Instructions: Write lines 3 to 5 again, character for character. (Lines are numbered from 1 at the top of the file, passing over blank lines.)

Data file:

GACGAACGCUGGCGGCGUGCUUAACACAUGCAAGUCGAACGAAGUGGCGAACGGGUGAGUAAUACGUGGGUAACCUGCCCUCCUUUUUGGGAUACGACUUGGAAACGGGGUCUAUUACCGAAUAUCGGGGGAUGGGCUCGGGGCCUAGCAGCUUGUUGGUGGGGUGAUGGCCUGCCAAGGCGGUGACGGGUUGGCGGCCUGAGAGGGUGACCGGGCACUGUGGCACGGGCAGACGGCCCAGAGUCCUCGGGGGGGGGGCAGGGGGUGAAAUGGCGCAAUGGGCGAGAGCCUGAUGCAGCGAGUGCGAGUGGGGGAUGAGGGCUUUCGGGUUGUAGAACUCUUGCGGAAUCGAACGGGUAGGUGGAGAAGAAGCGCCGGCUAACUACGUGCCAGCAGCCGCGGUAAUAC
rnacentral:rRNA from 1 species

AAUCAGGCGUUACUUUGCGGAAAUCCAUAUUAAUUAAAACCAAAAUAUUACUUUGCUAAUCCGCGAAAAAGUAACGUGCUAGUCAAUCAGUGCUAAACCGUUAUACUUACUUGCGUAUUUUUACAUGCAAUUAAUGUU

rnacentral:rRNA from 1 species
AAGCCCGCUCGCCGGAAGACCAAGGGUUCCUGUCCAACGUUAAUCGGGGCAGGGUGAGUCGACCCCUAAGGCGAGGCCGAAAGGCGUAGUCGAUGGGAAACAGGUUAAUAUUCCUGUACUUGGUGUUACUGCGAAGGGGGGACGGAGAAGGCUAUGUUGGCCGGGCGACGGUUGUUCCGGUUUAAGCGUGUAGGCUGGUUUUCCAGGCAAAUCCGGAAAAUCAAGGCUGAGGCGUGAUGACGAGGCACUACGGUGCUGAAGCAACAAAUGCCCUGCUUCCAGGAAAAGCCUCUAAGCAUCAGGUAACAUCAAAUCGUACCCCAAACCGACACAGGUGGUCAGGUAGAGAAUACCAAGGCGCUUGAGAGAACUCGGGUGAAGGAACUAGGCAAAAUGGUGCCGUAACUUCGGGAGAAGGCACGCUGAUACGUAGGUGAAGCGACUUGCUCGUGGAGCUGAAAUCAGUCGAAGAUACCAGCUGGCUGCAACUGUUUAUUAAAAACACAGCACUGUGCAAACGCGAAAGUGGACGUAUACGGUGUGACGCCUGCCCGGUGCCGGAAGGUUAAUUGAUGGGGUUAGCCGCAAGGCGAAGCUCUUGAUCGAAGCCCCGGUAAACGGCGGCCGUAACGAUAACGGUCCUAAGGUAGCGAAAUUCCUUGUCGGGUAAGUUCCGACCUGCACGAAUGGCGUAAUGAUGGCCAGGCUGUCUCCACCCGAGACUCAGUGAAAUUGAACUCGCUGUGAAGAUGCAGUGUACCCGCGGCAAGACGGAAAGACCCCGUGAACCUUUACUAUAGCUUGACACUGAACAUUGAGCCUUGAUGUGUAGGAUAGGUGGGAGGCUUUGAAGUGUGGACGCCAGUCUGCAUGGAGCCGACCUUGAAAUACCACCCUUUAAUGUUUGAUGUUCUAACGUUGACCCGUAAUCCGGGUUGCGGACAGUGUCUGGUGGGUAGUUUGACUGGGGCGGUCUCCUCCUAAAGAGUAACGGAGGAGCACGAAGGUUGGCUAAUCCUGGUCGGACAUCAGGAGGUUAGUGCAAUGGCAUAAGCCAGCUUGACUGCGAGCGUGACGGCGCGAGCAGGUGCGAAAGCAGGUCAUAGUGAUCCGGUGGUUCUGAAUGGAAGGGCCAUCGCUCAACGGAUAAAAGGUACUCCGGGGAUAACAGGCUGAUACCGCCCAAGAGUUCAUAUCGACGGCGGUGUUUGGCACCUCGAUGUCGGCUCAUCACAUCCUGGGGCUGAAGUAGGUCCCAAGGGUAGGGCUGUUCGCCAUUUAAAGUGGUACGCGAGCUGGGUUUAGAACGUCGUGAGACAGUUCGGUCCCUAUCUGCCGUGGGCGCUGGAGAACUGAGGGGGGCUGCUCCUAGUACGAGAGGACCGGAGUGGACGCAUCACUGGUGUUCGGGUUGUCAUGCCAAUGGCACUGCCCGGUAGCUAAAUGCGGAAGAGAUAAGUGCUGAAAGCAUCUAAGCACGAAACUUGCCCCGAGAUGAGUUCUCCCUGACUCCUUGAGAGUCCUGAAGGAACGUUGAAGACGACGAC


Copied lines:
AAUCAGGCGUUACUUUGCGGAAAUCCAUAUUAAUUAAAACCAAAAUAUUACUUUGCUAAUCCGCGAAAAAGUAACGUGCUAGUCAAUCAGUGCUAAACCGUUAUACUUACUUGCGUAUUUUUACAUGCAAUUAAUGUU

rnacentral:rRNA from 1 species
AAGCCCGCUCGCCGGAAGACCAAGGGUUCCUGUCCAACGUUAAUCGGGGCAGGGUGAGUCGACCCCUAAGGCGAGGCCGAAAGGCGUAGUCGAUGGGAAACAGGUUAAUAUUCCUGUACUUGGUGUUACUGCGAAGGGGGGACGGAGAAGGCUAUGUUGGCCGGGCGACGGUUGUUCCGGUUUAAGCGUGUAGGCUGGUUUUCCAGGCAAAUCCGGAAAAUCAAGGCUGAGGCGUGAUGACGAGGCACUACGGUGCUGAAGCAACAAAUGCCCUGCUUCCAGGAAAAGCCUCUAAGCAUCAGGUAACAUCAAAUCGUACCCCAAACCGACACAGGUGGUCAGGUAGAGAAUACCAAGGCGCUUGAGAGAACUCGGGUGAAGGAACUAGGCAAAAUGGUGCCGUAACUUCGGGAGAAGGCACGCUGAUACGUAGGUGAAGCGACUUGCUCGUGGAGCUGAAAUCAGUCGAAGAUACCAGCUGGCUGCAACUGUUUAUUAAAAACACAGCACUGUGCAAACGCGAAAGUGGACGUAUACGGUGUGACGCCUGCCCGGUGCCGGAAGGUUAAUUGAUGGGGUUAGCCGCAAGGCGAAGCUCUUGAUCGAAGCCCCGGUAAACGGCGGCCGUAACGAUAACGGUCCUAAGGUAGCGAAAUUCCUUGUCGGGUAAGUUCCGACCUGCACGAAUGGCGUAAUGAUGGCCAGGCUGUCUCCACCCGAGACUCAGUGAAAUUGAACUCGCUGUGAAGAUGCAGUGUACCCGCGGCAAGACGGAAAGACCCCGUGAACCUUUACUAUAGCUUGACACUGAACAUUGAGCCUUGAUGUGUAGGAUAGGUGGGAGGCUUUGAAGUGUGGACGCCAGUCUGCAUGGAGCCGACCUUGAAAUACCACCCUUUAAUGUUUGAUGUUCUAACGUUGACCCGUAAUCCGGGUUGCGGACAGUGUCUGGUGGGUAGUUUGACUGGGGCGGUCUCCUCCUAAAGAGUAACGGAGGAGCACGAAGGUUGGCUAAUCCUGGUCGGACAUCAGGAGGUUAGUGCAAUGGCAUAAGCCAGCUUGACUGCGAGCGUGACGGCGCGAGCAGGUGCGAAAGCAGGUCAUAGUGAUCCGGUGGUUCUGAAUGGAAGGGCCAUCGCUCAACGGAUAAAAGGUACUCCGGGGAUAACAGGCUGAUACCGCCCAAGAGUUCAUAUCGACGGCGGUGUUUGGCACCUCGAUGUCGGCUCAUCACAUCCUGGGGCUGAAGUAGGUCCCAAGGGUAGGGCUGUUCGCCAUUUAAAGUGGUACGCGAGCUGGGUUUAGAACGUCGUGAGACAGUUCGGUCCCUAUCUGCCGUGGGCGCUGGAGAACUGAGGGGGGCUGCUCCUAGUACGAGAGGACCGGAGUGGACGCAUCACUGGUGUUCGGGUUGUCAUGCCAAUGGCACUGCCCGGUAGCUAAAUGCGGAAGAGAUAAGUGCUGAAAGCAUCUAAGCACGAAACUUGCCCCGAGAUGAGUUCUCCCUGACUCCUUGAGAGUCCUGAAGGAACGUUGAAGACGACGAC